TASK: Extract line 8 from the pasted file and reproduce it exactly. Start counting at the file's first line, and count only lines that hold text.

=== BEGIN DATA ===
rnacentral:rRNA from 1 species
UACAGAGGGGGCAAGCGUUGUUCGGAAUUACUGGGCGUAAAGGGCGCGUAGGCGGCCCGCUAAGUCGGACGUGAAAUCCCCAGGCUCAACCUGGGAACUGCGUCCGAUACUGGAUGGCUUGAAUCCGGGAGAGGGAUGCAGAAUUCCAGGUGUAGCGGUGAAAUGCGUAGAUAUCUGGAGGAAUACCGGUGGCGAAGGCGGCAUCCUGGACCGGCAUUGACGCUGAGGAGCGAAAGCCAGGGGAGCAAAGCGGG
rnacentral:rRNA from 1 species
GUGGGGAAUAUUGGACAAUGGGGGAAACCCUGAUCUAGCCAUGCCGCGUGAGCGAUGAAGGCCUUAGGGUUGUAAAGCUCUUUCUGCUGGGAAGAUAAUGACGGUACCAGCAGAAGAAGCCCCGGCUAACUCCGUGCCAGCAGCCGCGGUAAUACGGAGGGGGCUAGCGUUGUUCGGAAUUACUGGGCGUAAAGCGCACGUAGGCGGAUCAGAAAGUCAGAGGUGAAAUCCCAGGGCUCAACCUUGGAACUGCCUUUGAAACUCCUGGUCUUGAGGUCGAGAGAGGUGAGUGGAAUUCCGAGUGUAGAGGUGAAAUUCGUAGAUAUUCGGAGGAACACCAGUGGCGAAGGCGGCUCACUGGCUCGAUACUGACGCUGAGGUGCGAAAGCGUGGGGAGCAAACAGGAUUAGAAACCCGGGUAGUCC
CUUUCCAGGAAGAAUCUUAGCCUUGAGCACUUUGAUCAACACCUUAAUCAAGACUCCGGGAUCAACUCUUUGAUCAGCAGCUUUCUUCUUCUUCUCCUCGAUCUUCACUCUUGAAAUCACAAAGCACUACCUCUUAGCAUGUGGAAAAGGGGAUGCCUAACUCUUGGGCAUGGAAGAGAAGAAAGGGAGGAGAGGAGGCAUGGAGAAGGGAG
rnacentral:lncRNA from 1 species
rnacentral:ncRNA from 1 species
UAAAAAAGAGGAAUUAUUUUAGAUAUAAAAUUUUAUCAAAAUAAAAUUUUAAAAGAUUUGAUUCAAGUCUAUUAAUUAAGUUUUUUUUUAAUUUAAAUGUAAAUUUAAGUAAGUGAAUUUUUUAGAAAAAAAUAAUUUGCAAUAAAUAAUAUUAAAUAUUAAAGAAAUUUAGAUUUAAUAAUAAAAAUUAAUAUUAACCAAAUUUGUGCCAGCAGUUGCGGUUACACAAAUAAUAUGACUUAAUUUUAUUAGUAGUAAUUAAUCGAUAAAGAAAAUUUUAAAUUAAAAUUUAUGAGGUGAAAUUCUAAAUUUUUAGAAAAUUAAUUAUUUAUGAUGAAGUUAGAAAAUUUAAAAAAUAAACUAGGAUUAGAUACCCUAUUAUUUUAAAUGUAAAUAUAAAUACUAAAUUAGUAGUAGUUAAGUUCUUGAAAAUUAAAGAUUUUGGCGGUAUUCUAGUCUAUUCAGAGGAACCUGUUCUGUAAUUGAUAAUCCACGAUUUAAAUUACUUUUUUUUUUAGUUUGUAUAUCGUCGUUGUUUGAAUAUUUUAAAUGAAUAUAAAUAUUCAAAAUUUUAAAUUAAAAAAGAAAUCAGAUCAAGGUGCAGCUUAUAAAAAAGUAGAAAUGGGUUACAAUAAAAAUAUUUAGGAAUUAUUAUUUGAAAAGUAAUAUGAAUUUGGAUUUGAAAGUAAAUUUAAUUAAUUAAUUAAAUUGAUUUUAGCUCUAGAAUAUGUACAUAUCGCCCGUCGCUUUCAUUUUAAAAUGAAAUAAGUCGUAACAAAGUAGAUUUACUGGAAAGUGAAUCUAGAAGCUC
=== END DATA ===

UAAAAAAGAGGAAUUAUUUUAGAUAUAAAAUUUUAUCAAAAUAAAAUUUUAAAAGAUUUGAUUCAAGUCUAUUAAUUAAGUUUUUUUUUAAUUUAAAUGUAAAUUUAAGUAAGUGAAUUUUUUAGAAAAAAAUAAUUUGCAAUAAAUAAUAUUAAAUAUUAAAGAAAUUUAGAUUUAAUAAUAAAAAUUAAUAUUAACCAAAUUUGUGCCAGCAGUUGCGGUUACACAAAUAAUAUGACUUAAUUUUAUUAGUAGUAAUUAAUCGAUAAAGAAAAUUUUAAAUUAAAAUUUAUGAGGUGAAAUUCUAAAUUUUUAGAAAAUUAAUUAUUUAUGAUGAAGUUAGAAAAUUUAAAAAAUAAACUAGGAUUAGAUACCCUAUUAUUUUAAAUGUAAAUAUAAAUACUAAAUUAGUAGUAGUUAAGUUCUUGAAAAUUAAAGAUUUUGGCGGUAUUCUAGUCUAUUCAGAGGAACCUGUUCUGUAAUUGAUAAUCCACGAUUUAAAUUACUUUUUUUUUUAGUUUGUAUAUCGUCGUUGUUUGAAUAUUUUAAAUGAAUAUAAAUAUUCAAAAUUUUAAAUUAAAAAAGAAAUCAGAUCAAGGUGCAGCUUAUAAAAAAGUAGAAAUGGGUUACAAUAAAAAUAUUUAGGAAUUAUUAUUUGAAAAGUAAUAUGAAUUUGGAUUUGAAAGUAAAUUUAAUUAAUUAAUUAAAUUGAUUUUAGCUCUAGAAUAUGUACAUAUCGCCCGUCGCUUUCAUUUUAAAAUGAAAUAAGUCGUAACAAAGUAGAUUUACUGGAAAGUGAAUCUAGAAGCUC